Chirpy Chirpy Cheep Cheep: Geochemistry for the Birds
Angelina Souren, SmarterScience, Portsmouth, UK. firstname.lastname@example.org
In this age of bird flu and global change, pinpointing bird migration routes and monitoring any changes in them has become of considerable interest. In the past, all sorts of methods have been used as tools in this type of research, but Laura Font may have found a new and better way.
Dr. Laura Font is currently based at the Faculty of Earth and Life Sciences at the Vrije Universiteit in Amsterdam, where she is a Marie Curie post-doctoral fellow in the Petrology Department. She started her project in February 2008. Prior to that, Laura was employed at Durham University, which she joined in 2004 on a NERC fellowship. She graduated from the Universitat de Barcelona in 1997, then worked in France, obtained her Ph.D. from the University of Southampton in the U.K., and moved to Italy as a post-doctoral fellow before returning to the U.K.
In Durham, Laura's research involved measuring Sr and Pb isotopes in plagioclase from volcanic samples. It was at Durham where Laura started developing her method to use Sr and Pb isotopes in bird feathers to track bird migration routes.
|The problem with (previous) isotope methods is that their discriminatory power is relatively limited, and fractionation mechanisms in birds complicate matters in some cases.|
Previously, other isotopes (H, C and O) as well as certain trace elements have been used to infer migration routes. Sulfur isotopes in combination with hydrogen isotopes were also tried, in an attempt to distinguish between birds foraging in the marine realm and terrestrial feeders. The problem with such methods is that their discriminatory power is relatively limited, and fractionation mechanisms in birds complicate matters in some cases. Other methods such as the use of tags or leg bands and the counting of birds at specific locations are labor-intensive and do not carry an overwhelming success rate. In addition, censuses do not provide any data on origin.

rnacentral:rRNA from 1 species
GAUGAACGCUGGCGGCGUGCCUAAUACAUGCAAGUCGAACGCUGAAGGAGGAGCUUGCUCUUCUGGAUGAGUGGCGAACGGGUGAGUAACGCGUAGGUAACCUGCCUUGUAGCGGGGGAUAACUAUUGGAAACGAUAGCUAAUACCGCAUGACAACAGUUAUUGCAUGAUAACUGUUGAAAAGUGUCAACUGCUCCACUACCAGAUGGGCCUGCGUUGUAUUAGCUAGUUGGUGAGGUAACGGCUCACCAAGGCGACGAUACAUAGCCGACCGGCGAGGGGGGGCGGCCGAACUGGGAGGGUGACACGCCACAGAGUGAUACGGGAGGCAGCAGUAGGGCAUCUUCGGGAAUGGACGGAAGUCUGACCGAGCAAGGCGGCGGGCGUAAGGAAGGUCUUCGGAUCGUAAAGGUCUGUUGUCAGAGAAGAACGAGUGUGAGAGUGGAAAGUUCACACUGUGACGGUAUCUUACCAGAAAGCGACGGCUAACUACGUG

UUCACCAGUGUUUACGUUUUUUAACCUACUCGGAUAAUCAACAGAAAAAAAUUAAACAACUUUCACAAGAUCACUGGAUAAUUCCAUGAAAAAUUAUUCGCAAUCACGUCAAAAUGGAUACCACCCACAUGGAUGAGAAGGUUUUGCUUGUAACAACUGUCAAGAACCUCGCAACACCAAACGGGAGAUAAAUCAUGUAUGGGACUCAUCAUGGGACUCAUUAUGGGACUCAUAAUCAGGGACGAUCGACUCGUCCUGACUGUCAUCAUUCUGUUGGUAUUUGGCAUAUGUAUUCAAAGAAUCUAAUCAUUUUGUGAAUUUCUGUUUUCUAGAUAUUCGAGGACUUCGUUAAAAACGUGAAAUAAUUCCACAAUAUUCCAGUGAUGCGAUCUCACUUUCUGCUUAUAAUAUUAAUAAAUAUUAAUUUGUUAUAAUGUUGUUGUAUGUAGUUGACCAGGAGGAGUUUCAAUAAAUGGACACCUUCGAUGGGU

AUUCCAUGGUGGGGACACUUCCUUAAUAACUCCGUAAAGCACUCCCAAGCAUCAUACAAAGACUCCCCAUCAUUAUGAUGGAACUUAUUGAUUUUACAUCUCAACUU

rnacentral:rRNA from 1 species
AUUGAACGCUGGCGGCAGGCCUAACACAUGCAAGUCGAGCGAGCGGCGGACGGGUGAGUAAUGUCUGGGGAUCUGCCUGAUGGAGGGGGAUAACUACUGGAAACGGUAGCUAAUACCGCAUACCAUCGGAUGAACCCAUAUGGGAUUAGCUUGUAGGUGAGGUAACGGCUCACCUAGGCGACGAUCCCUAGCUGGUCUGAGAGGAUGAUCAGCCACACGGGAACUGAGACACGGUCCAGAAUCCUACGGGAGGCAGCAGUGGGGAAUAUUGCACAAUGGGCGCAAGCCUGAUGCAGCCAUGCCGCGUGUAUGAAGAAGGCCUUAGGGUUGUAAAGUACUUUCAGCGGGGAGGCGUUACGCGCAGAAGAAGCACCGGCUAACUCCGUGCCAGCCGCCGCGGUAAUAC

Using feathers to obtain information about bird migration is relatively easy and its impact on birds is minimal. While many bird feathers do have a blood supply when still attached to the bird, these veins do not run along the entire shaft. A large part of a feather could therefore be clipped off without impacting a bird's flight at all. However, this process is often not even necessary as birds naturally lose enough feathers that can simply be collected on-site. To use the composition of bird feathers as a much less invasive and less labor-intensive method is therefore quite promising.
|Sr isotopes do not appear to fractionate in birds and therefore reflect a bird's natural environment|